Tuesday's sessions included the 20th annual and final Advanced Topics Workshop; once again, Adam Moskowitz was our host, moderator, and referee. Unlike past years we only ran for a half day. With only two new participants (both longtime LISA attendees), Adam covered the participant's interface to the moderation software in brief one-on-one sessions over lunch. We started with our usual administrative announcements. We mostly skipped introductions. However, Adam noted that 2 people here were at the first ATW, and he and I were both here for the past 18 years (he as moderator and I as scribe). In representation, businesses (including consultants) outnumbered universities by about 2 to 1 (about the same as last year); over the course of the day, the room included 10 LISA program chairs (past, present, and announced future, up from 5 last year) and 9 past or present members of the LOPSA or USENIX boards.
Our first topic, which took two-thirds of the discussion time, was on why this was the last ATW. To oversimplify:
- The workshop has met its originally stated goals of getting more-senior people to attend the conference and to have a space to discuss possibly-confidential issues in a non-public venue with other senior people and without interruption.
- Most of the topics we discuss are not controversial and don't lead to much discussion, spirited or otherwise. There were few if any strong opinions.
- Many of the topics were repeated year after year but nothing new was being said.
Of course, since this decision was announced without input from the participants, it... generated a very spirited and passionate discussion (and at times an outright debate). That discussion wandered through what the workshop should be if it were to continue, as well as the future direction of the LISA conference itself. No definitive conclusions were reached, in large part because not all stakeholders were present or represented.
It was argued that the workshop has been successful. The founder, John Schimmel, looked at the conference and identified a problem: More-senior system administrators would only come to LISA (which was then more about training junior administrators) if they were speaking or teaching, and were much less likely to come as an attendee. The workshop was an attempted solution to that problem: Get the more-senior sysadmins present for the workshop, where they could have non-public discussions, without having to step down the language for more-junior sysadmins to understand, and they'd be (and were) much more likely to stick around for the rest of the conference.
It was also argued that there's still value in getting together, even if just "at the bar." Many were quick to point out that it would be much more difficult to sell "I'm meeting with a couple of dozen senior sysadmins at the bar" than "...at the workshop" to their management.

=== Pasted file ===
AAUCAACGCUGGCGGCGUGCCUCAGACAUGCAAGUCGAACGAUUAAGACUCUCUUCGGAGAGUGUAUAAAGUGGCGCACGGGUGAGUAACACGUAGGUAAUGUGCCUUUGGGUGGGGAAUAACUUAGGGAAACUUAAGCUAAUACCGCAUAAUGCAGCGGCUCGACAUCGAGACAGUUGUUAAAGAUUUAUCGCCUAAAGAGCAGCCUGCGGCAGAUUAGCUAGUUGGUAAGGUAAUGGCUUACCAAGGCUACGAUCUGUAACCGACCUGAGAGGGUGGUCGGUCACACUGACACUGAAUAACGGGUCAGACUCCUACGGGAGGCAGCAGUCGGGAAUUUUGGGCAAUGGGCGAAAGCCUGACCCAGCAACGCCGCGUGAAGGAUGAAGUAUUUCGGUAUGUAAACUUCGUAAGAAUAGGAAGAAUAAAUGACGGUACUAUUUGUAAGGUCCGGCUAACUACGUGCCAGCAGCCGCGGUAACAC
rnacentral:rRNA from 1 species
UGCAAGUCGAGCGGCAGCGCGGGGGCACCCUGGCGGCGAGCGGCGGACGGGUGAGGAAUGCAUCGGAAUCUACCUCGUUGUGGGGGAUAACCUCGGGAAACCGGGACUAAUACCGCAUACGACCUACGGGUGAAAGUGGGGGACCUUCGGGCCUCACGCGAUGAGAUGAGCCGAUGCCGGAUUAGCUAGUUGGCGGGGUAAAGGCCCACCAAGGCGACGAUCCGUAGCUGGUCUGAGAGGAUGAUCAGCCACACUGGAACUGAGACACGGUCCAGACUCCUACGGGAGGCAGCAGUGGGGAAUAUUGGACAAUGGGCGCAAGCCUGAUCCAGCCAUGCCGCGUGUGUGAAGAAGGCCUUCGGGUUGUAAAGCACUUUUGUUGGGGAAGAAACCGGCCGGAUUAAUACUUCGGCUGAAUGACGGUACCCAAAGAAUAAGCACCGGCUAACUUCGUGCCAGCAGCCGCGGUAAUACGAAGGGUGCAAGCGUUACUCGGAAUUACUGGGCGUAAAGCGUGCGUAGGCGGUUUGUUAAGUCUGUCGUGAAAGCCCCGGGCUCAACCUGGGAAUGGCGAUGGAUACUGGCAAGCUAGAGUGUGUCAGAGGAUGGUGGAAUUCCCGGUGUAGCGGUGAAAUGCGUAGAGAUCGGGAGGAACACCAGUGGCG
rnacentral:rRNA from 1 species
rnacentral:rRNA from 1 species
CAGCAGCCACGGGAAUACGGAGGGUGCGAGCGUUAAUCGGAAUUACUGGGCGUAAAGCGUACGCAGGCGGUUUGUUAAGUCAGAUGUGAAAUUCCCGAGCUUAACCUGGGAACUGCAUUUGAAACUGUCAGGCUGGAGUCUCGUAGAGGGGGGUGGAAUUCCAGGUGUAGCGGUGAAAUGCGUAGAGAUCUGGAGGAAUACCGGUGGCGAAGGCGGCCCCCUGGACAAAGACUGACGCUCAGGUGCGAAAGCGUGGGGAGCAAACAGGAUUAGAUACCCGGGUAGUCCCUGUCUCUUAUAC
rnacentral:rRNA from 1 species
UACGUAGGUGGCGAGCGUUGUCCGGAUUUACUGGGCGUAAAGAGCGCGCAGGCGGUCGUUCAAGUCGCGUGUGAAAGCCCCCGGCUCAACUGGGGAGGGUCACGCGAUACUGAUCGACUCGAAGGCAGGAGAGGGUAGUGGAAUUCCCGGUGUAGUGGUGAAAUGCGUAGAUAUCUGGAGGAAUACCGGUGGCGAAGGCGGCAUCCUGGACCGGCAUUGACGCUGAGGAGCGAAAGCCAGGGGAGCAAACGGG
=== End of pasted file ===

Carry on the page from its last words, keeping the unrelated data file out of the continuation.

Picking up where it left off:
Some of the other points we considered during the discussion included:
- What problems are there with the conference today, and how can we solve them? In general, we see a need and service to the community; someone therefore needs to present a proposal (for a workshop, talk, tutorial, or whatever is appropriate) and see if it's accepted.
- If there was no ATW, would you still attend LISA? If not, why not? How can LISA evolve to change your mind? For many people — nearly half of those present — ATW was the reason they attend LISA, in part because we provide seniority without overspecialization. Also, would the conference be losing something important? (Most thought so.)
- Is the workshop name still appropriate? Some years the topics aren't necessrily advanced, but we're talking about implementing and integrating existing technologies into existing (often complex legacy) environments.
- A side discussion came up as to whether we're elitist. How many of us sent in a position paper? (Virtually all at least once; it's only required the first time. At least one participant submits a position paper every year.) We need some kind of bar to keep the limited space available for the more-senior people; any bar even if it's "senior vs junior," can be perceived as elitist. Perhaps owning up to the word as a function of the workshop would be a good thing. Some present parsed the message of "the workshop is perceived as elitist" as "USENIX would prefer you weren't here;" the USENIX representatives present disagreed with that parsing.
- How do we, as senior sysadmins and often longtime LISA attendees, contribute to the conference?
- Why should USENIX fund this (indeed, any) workshop? Is it an appropriate use of USENIX's time and money? By reserving the room for the workshop, which loses money, there's one less room available for tutorials, which make money. That led to a discussion about what LISA should be and what USENIX should do. It was noted that USENIX has to continue to make money, to serve the community, and to serve the conference. If it's not going to be making money but serving another purpose that serves the community, that's still valid. Nobody at USENIX wants the workshop participants to stop coming, but by pulling the plug they may have that affect. Second, the board members present agree that they would welcome discussions with a committee elected to discuss the future of the workshop.